Dillashaw still gunning for 'Mighty Mouse,' needs 16 weeks to make 125 lbs
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TJ Dillashaw remains dead set on meeting Demetrious Johnson in a champion vs. champion bout. He just needs the time to get his weight down.

Speaking recently with ESPN's Brett Okamoto, the reigning UFC bantamweight champion said were it not for his two split-decision losses to Raphael Assuncao and Dominick Cruz, he'd have joined his flyweight counterpart in the discussion regarding the sport's pound-for-pound best. He aims to right that wrong by besting a long-indomitable titleholder in Johnson this year.

"I'm looking to come in and dethrone him from his legacy," Dillashaw said. "He won't be able to call himself the 'GOAT' anymore.

"It's so easy for him to continue calling himself that and take the fights he thinks are a little easier. He's a cerebral fighter. He and his coach are smart guys, and they know I bring the greatest threat. I think he knows that's going to be a tough one for him to win."

Johnson has publicly doubted whether Dillashaw - a career bantamweight - could successfully make the 125-pound mark required to challenge him, but the 135-pound king told Okamoto he could conquer the scale with 16 weeks to prepare.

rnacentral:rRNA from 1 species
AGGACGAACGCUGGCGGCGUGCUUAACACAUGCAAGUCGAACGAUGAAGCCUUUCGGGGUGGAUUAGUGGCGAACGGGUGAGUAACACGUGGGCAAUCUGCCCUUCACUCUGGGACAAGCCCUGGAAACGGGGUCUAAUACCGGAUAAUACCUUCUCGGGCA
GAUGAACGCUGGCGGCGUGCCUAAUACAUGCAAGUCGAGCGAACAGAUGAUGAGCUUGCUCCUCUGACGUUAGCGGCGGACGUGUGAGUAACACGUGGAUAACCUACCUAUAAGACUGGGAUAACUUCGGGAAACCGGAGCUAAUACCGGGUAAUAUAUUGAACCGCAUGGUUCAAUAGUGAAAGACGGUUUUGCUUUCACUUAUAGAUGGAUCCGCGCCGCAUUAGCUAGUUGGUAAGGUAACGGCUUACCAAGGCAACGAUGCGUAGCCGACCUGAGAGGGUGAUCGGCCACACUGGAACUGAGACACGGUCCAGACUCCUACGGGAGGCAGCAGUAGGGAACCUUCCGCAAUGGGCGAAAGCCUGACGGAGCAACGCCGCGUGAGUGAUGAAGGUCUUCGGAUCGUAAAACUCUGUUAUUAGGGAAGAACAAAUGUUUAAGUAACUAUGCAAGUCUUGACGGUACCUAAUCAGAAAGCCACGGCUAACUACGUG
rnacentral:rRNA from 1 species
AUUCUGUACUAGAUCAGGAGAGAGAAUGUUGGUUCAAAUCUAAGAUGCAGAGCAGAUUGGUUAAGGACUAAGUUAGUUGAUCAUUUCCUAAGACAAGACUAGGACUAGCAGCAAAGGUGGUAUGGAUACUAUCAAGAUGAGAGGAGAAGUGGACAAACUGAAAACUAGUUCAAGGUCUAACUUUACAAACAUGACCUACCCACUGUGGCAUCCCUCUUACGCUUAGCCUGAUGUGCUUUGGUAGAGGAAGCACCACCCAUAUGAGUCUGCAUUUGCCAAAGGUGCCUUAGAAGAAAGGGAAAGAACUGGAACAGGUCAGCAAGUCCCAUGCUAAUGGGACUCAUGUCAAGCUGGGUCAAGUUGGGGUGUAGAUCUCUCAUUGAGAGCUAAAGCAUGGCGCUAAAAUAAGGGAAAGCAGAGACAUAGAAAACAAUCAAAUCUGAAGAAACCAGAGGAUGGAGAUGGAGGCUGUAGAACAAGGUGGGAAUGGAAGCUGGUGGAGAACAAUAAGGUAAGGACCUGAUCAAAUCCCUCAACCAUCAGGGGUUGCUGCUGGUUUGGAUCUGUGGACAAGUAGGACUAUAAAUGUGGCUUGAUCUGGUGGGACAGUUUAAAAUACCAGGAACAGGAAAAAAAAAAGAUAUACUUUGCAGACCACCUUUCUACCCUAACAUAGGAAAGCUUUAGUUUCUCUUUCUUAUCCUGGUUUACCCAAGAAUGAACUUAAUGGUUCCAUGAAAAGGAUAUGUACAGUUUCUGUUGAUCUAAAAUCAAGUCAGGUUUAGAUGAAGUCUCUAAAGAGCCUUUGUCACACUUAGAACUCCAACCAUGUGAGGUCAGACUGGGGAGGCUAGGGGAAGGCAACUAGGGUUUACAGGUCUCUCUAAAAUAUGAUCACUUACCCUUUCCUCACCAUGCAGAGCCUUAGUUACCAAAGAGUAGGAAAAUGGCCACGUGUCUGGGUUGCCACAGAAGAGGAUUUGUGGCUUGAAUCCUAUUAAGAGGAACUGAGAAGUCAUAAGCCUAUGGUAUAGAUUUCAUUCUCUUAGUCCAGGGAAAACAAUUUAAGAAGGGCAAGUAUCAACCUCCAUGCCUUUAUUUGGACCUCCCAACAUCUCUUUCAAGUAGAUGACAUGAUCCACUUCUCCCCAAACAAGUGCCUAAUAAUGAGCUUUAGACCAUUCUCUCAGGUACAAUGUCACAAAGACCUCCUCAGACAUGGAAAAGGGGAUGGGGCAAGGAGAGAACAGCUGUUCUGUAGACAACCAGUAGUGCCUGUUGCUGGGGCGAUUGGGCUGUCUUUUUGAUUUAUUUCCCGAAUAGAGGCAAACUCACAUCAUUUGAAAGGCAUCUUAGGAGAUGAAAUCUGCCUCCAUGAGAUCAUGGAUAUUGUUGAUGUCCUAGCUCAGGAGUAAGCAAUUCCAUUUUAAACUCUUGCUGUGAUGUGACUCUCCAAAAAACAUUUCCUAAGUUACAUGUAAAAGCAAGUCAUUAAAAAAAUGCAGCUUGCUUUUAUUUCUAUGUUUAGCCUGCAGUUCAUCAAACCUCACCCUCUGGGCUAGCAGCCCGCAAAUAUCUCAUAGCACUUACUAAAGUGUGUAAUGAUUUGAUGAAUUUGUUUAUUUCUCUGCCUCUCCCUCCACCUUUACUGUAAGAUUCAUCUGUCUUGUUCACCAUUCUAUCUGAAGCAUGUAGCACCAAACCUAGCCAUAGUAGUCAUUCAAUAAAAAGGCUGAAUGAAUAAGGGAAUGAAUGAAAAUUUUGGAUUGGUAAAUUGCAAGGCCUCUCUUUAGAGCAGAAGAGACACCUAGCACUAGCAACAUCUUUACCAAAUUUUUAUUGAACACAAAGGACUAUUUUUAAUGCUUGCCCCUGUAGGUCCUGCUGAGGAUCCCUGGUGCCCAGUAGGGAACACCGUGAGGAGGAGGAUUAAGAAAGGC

The 31-year-old began campaigning for the marquee matchup months before he reclaimed the bantamweight crown with a second-round knockout of Cody Garbrandt at UFC 217, but Johnson's recent dispute with the promotion over compensation scrapped Dillashaw's designs. With the gold around his waist once more and Johnson now owning the UFC's record for title defenses, Dillashaw maintains there's no time like the present to heed growing demand and put pen to paper.

"That's what I'm hearing from fans and journalists. They believe me fighting Johnson is not only the most-hyped fight for 2018, but the most talented."

The flyweight king's purview has never been the UFC's deepest weight class, with Johnson capping his always dominant showings with late finishes on more than one occasion. Dillashaw promises that won't be the case if and when they share the Octagon.

"On average, there aren't those guys who will bring everything in that weight class. They don't have the power, footwork, cardio, and wrestling I have. I don't have a gap that Demetrious can take advantage of.

"When you see him manhandle guys and finish fights late in championship rounds - outgrapple them - he's not going to be able to do that to me. And I think that's a scary thing to him, that he doesn't have something to fall back on."

UFC president Dana White echoed Dillashaw's interest in the lighter-weight superfight immediately after UFC 217, although he has yet to follow through on it.

Dillashaw still gunning for 'Mighty Mouse,' needs 16 weeks to make 125 lbs
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